(Bloomberg)—Hedge funds and other short sellers are beginning to set their sights on a U.S. credit-derivatives index with outsized exposure to hotel debt as the pandemic sinks the hospitality industry into distress.
The firms are starting to build up wagers against the synthetic index, known as CMBX 9, shifting attention from a high-profile bet against America’s challenged malls. The shift, which market participants say is beginning to show up in some trading flows, comes as delinquencies on hospitality property loans surge and even begin to exceed those in retail.
“In the last month there has been more selling pressure on the CMBX 9 than any of the other CMBS indices,” said Dan McNamara, a principal at MP Securitized Credit Partners, a hedge fund focused on shorting commercial mortgage bonds. “That’s because some hedge funds are actively looking to play the short side on the Series 9 index due to its significant hotel exposure.”
Retail debt has been a lucrative bearish bet this year as people stayed home amid lockdowns and shopped online, exacerbating an existing threat to brick-and-mortar stores. Traders have been taking positions on retail through a 2012 version of the commercial mortgage index called CMBX 6, which has a high concentration of debt tied to shopping malls.
“Funds have been coming out of the CMBX 6 and moving onto the CMBX 9,” said Christopher Sullivan, chief investment officer of United Nations Federal Credit Union. “The CMBX 6 trade has gone a bit long in the tooth and is now more fairly priced given the likely pandemic effects. We can see this series becoming the favorite option now.”
Hotel loans make up about 17% of the commercial mortgage debt underlying the CMBX 9 index, which is tied to 25 commercial mortgage securities created in 2015. The debt includes a now-defaulted $200 million loan backed by 50 extended-stay hotels owned by Starwood Capital Group. The loan was relatively stable at the end of 2019, according to Fitch Ratings, but defaulted at maturity in July because of lost business during pandemic-induced shutdowns.
Nearly 25% of hotel loans in CMBS are now delinquent, Cantor Fitzgerald LP researchers said in a Wednesday note, compared to about 20% for anchored retail loans. Across the broader CMBS universe, about 10% of hotel loans securitized in bonds are now more than 90 days overdue, compared to only 3.7% for retail loans, according to Darrell Wheeler, head of research at the New York-based firm.
The BBB- tranche of the CMBX 9 series fell to 65.5 cents on the dollar by late April from almost par in early March. It’s since gradually fallen in price to 79 cents on the dollar Thursday from its mid-June peak of about 85 cents.
UNFCU’s Sullivan said CMBX 9 trading volume has been increasing for well over a month, and was among the most actively traded across CMBS indexes for several days in July and August, according to aggregated swap depository data compiled by Bloomberg. Total cumulative trading volume for all tranches of the CMBX 9 increased to $258.5 million on Aug. 26 from $30.2 million on July 28, the data show.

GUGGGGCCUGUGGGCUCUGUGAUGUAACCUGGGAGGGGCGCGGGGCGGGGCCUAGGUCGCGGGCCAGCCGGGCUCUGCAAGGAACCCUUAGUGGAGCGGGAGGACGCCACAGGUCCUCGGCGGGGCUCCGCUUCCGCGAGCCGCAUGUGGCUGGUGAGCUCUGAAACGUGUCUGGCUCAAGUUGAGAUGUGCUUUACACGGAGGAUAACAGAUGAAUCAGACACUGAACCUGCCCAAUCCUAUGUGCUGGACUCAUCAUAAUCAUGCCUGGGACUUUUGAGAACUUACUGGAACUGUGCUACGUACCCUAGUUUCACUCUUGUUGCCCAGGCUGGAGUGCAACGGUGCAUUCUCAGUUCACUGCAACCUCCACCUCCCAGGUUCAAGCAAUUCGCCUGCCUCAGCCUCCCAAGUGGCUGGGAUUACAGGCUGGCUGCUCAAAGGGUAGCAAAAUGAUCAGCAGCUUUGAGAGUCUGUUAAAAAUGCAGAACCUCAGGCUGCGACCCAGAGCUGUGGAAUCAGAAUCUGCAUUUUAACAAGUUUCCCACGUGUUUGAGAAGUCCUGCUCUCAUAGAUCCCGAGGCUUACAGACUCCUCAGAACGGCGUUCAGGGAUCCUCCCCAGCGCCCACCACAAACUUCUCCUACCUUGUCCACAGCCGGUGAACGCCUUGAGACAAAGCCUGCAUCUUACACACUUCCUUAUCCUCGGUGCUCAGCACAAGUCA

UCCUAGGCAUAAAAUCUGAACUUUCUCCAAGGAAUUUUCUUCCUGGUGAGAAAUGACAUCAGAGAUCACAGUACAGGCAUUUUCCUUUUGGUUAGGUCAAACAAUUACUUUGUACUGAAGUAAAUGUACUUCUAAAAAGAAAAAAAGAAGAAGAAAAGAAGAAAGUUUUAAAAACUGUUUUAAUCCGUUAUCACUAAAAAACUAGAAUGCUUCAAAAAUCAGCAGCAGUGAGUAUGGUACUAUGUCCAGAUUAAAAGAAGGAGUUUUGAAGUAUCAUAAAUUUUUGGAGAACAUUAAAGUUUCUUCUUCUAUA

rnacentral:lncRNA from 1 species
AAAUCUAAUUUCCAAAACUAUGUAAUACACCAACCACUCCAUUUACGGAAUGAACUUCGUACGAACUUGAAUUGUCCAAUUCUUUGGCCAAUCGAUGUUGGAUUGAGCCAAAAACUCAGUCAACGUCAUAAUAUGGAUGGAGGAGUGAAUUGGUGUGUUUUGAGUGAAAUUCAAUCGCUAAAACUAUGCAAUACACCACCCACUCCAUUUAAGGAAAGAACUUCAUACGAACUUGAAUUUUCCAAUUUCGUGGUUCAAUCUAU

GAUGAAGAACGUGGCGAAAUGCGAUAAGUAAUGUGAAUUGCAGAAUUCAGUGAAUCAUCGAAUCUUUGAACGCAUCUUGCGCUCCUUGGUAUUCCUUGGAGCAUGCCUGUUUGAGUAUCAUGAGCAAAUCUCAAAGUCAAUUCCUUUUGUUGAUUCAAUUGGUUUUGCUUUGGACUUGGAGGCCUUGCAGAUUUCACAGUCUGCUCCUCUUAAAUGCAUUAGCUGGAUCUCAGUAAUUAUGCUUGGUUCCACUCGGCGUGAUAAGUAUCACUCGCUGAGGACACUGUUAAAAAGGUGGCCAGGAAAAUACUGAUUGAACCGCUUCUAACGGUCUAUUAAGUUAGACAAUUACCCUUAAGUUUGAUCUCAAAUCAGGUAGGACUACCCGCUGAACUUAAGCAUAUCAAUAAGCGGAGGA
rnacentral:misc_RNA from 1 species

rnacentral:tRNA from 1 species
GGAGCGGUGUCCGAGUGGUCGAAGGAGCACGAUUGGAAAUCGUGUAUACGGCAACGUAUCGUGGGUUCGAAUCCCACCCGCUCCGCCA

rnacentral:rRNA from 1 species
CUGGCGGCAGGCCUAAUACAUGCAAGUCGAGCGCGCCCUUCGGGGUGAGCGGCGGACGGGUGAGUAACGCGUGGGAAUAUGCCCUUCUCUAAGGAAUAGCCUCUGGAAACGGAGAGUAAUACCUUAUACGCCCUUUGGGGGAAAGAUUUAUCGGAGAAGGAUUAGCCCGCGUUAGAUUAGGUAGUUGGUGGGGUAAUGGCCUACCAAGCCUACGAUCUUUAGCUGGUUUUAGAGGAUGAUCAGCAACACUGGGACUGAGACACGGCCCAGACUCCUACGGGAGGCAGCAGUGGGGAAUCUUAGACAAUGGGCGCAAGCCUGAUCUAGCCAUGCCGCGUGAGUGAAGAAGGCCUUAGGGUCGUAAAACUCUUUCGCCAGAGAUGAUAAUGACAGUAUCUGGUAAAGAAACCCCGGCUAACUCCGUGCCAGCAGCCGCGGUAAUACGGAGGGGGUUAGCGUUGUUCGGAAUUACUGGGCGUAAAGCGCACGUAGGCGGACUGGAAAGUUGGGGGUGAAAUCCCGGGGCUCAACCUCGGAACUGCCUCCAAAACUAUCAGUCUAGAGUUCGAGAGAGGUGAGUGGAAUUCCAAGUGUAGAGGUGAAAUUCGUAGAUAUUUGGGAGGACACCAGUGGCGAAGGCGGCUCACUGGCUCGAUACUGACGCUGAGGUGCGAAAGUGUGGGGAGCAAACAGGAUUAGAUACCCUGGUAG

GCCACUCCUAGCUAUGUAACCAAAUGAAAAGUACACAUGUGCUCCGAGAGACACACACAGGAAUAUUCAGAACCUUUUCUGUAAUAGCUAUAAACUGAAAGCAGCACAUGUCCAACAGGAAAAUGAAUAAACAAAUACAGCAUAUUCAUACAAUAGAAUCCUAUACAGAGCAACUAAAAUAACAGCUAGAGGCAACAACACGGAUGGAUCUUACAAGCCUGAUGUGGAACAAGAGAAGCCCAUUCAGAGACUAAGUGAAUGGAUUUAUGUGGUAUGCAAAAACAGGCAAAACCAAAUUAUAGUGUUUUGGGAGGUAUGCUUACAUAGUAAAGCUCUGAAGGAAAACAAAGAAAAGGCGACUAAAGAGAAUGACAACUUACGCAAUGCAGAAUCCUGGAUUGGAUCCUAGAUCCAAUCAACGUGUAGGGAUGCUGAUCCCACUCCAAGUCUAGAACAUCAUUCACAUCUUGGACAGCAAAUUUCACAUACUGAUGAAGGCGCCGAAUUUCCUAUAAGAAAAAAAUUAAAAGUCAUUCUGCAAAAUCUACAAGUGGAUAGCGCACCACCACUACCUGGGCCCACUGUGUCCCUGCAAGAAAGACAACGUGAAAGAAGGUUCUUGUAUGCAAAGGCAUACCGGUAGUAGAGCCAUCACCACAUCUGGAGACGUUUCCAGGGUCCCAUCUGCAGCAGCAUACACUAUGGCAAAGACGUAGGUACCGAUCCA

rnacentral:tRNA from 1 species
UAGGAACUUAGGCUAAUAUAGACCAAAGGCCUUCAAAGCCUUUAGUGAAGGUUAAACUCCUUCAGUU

For the week ending Aug. 21, the BB tranche of CMBX 9 had $95 million of CDS contracts trading in the market, the highest of any series’ BB tier, according to JPMorgan Chase & Co. data. CMBX 6 had the next greatest amount trading, at $35 million.
MP Securitized Credit’s short bet on retail through the CMBX 6 fueled a 75.4% gain in one of its flagship vehicles for the year through July, according to an investor letter seen by Bloomberg. That bearish wager references a basket of 25 CMBS with significant mall exposure.
It’s also produced a $1.3 billion windfall for Carl Icahn, who increased his position after the pandemic shutdowns escalated the already poor performance of mall debt.
So far MP Securitized Credit remains focused on shorting the retail space. The hotel industry has a better chance for a broader recovery than retail, which was already up against secular challenges such as growth in online sales, McNamara said.
Among the biggest risks in shorting CMBS is mis-timing the wager. That’s what happened to some of the earliest proponents of the CMBX 6 short trade. Hedge fund Alder Hill Management, which had been short the CMBX 6 since at least early 2017, shuttered last year as losses on the wager piled up.
One downside of the CMBX 9 trade is that it doesn’t mature until 2025, while CMBX 6 shorts can get their payouts in 2022. And for short sellers, “CMBX 9 is not as clear cut as CMBX 6, where we expected several BBB- bond classes to take full losses,” Cantor’s Wheeler said.
It’s not clear whether there will be enough two-way volume in the CMBX 9 index to sustain large bets, said Matt Weinstein, a partner at Axonic Capital, a hedge fund specializing in structured products and commercial real estate. But the thesis makes sense, he said. With one in four hotels in CMBS already in default and revenue per available room still down nearly 50% year-over-year, defaults are likely to pile up as forbearance agreements with lenders roll off.
“From a thematic viewpoint, it makes sense to short hotels,” he said.
--With assistance from Claire Boston.
© 2020 Bloomberg L.P.